# Energy and mechanics question

1. Nov 2, 2008

### david18

1. The problem statement, all variables and given/known data
http://img120.imageshack.us/img120/3743/physicsquestionnb9.jpg [Broken]
http://g.imageshack.us/img120/physicsquestionnb9.jpg/1/ [Broken]

3. The attempt at a solution

I'm trying this problem and I'm really not sure if my answers are correct at all.

For part a) I get the kinetic energy = Pt (since it is the electrical energy)
I make 0.5m.v^2=Pt and make v the subject, leaving $v=\sqrt \frac{2pt}{m}$

Now I hope what I've done so far is okay. For part b to find the acceleration I differentiated the equation I derived above. To do this I wrote the equation as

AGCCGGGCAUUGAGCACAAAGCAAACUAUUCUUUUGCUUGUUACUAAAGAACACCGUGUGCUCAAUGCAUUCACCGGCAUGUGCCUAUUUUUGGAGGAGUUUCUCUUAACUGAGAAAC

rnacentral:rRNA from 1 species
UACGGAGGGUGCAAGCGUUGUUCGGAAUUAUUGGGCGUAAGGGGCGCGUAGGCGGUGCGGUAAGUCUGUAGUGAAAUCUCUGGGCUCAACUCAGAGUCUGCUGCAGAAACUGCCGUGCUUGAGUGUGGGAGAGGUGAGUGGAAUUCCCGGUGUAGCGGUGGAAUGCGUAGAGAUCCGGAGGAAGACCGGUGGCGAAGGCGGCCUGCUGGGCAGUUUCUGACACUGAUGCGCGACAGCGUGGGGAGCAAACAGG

$v=(\sqrt \frac{2p}{m})t^\frac{1}{2}$

and so

$dv/dt = \frac{1}{2}(\sqrt \frac{2p}{m})t^\frac{-1}{2}$

While for the distance, by integration, I got

$s= \frac{2}{3}(\sqrt \frac{2p}{m})t^\frac{3}{2}$

Im not very confident in my maths so I'd appreciated it if somebody could check whether I got the right results.

Last edited by a moderator: May 3, 2017
2. Nov 3, 2008

### jcwhitts

As long as your first assumption is correct, that power times t is equal to the kinetic energy, you did the integration and the derivations correctly.